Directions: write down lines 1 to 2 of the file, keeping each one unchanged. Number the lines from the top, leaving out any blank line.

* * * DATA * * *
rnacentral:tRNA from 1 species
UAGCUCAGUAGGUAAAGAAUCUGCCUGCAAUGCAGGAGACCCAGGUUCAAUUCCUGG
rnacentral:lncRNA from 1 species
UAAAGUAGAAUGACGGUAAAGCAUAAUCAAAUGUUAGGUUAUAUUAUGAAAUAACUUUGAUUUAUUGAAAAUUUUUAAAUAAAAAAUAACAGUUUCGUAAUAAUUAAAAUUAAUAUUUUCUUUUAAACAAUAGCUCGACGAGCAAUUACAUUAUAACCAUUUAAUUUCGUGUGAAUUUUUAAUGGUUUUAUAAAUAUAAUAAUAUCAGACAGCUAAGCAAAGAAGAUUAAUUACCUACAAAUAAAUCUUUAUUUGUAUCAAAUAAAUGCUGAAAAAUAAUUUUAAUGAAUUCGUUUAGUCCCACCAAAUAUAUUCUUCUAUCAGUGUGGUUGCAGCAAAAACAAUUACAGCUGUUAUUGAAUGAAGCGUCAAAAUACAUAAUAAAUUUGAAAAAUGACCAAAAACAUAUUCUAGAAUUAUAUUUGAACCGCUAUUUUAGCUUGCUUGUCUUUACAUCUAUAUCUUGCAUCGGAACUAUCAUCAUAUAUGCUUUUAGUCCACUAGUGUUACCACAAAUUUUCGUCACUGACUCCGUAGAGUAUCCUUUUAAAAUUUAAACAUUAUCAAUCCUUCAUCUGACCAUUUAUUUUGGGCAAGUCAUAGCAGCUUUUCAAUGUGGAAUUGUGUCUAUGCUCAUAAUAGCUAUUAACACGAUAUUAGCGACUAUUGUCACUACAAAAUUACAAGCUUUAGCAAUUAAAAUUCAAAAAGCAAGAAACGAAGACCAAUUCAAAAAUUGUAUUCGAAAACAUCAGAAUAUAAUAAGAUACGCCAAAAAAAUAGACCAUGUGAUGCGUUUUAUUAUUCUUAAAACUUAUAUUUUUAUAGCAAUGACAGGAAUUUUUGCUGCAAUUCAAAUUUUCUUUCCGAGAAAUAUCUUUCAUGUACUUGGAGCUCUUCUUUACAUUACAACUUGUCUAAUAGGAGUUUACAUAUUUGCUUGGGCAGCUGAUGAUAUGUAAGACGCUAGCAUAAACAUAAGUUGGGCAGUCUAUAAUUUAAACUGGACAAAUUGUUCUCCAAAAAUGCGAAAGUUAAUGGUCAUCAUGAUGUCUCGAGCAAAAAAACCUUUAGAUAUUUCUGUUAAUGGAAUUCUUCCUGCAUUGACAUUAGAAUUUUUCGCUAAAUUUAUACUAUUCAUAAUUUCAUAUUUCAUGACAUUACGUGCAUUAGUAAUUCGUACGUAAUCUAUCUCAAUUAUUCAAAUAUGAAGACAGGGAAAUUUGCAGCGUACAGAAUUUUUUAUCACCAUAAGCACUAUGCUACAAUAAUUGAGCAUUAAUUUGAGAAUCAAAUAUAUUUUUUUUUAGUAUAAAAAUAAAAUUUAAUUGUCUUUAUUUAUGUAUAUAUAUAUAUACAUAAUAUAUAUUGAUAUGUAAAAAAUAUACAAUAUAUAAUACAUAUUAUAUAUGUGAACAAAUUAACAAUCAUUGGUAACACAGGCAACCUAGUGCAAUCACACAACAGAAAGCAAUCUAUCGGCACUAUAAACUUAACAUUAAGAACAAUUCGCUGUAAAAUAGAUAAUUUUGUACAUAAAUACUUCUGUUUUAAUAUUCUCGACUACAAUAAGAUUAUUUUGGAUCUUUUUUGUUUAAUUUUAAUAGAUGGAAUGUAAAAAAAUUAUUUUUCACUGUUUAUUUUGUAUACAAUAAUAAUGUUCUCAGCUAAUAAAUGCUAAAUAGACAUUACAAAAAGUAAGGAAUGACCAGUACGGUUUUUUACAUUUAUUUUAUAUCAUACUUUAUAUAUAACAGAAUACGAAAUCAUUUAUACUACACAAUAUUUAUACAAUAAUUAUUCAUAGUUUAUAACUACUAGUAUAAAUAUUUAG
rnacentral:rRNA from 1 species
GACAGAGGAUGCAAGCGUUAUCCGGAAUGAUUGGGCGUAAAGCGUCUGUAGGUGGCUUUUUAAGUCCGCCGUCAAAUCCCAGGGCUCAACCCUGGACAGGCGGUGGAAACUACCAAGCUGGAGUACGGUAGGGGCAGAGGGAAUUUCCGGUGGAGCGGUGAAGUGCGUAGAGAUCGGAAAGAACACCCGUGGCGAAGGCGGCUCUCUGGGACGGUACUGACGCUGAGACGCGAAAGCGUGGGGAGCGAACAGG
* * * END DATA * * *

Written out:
rnacentral:tRNA from 1 species
UAGCUCAGUAGGUAAAGAAUCUGCCUGCAAUGCAGGAGACCCAGGUUCAAUUCCUGG